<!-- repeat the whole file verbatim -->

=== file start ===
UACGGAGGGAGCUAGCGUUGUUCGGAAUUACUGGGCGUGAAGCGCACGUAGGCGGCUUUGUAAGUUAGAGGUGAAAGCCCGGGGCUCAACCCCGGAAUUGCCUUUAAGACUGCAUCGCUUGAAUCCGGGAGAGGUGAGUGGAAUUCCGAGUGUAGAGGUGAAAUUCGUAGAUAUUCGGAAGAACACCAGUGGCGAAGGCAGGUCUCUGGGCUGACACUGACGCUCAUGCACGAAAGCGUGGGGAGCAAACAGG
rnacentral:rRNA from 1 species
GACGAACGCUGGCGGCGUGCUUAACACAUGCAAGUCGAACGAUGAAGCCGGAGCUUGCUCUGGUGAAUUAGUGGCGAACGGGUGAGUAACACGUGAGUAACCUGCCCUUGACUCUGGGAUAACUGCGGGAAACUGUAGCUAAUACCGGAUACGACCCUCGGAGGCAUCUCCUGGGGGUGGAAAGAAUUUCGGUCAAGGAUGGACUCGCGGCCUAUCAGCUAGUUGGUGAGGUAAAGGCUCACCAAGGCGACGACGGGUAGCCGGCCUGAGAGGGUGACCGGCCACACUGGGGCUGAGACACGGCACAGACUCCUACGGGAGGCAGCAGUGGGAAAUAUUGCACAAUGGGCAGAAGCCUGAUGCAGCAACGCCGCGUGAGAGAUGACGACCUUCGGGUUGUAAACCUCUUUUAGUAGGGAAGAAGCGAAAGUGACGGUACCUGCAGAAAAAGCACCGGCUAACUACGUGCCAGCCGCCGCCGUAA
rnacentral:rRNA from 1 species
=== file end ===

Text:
UACGGAGGGAGCUAGCGUUGUUCGGAAUUACUGGGCGUGAAGCGCACGUAGGCGGCUUUGUAAGUUAGAGGUGAAAGCCCGGGGCUCAACCCCGGAAUUGCCUUUAAGACUGCAUCGCUUGAAUCCGGGAGAGGUGAGUGGAAUUCCGAGUGUAGAGGUGAAAUUCGUAGAUAUUCGGAAGAACACCAGUGGCGAAGGCAGGUCUCUGGGCUGACACUGACGCUCAUGCACGAAAGCGUGGGGAGCAAACAGG
rnacentral:rRNA from 1 species
GACGAACGCUGGCGGCGUGCUUAACACAUGCAAGUCGAACGAUGAAGCCGGAGCUUGCUCUGGUGAAUUAGUGGCGAACGGGUGAGUAACACGUGAGUAACCUGCCCUUGACUCUGGGAUAACUGCGGGAAACUGUAGCUAAUACCGGAUACGACCCUCGGAGGCAUCUCCUGGGGGUGGAAAGAAUUUCGGUCAAGGAUGGACUCGCGGCCUAUCAGCUAGUUGGUGAGGUAAAGGCUCACCAAGGCGACGACGGGUAGCCGGCCUGAGAGGGUGACCGGCCACACUGGGGCUGAGACACGGCACAGACUCCUACGGGAGGCAGCAGUGGGAAAUAUUGCACAAUGGGCAGAAGCCUGAUGCAGCAACGCCGCGUGAGAGAUGACGACCUUCGGGUUGUAAACCUCUUUUAGUAGGGAAGAAGCGAAAGUGACGGUACCUGCAGAAAAAGCACCGGCUAACUACGUGCCAGCCGCCGCCGUAA
rnacentral:rRNA from 1 species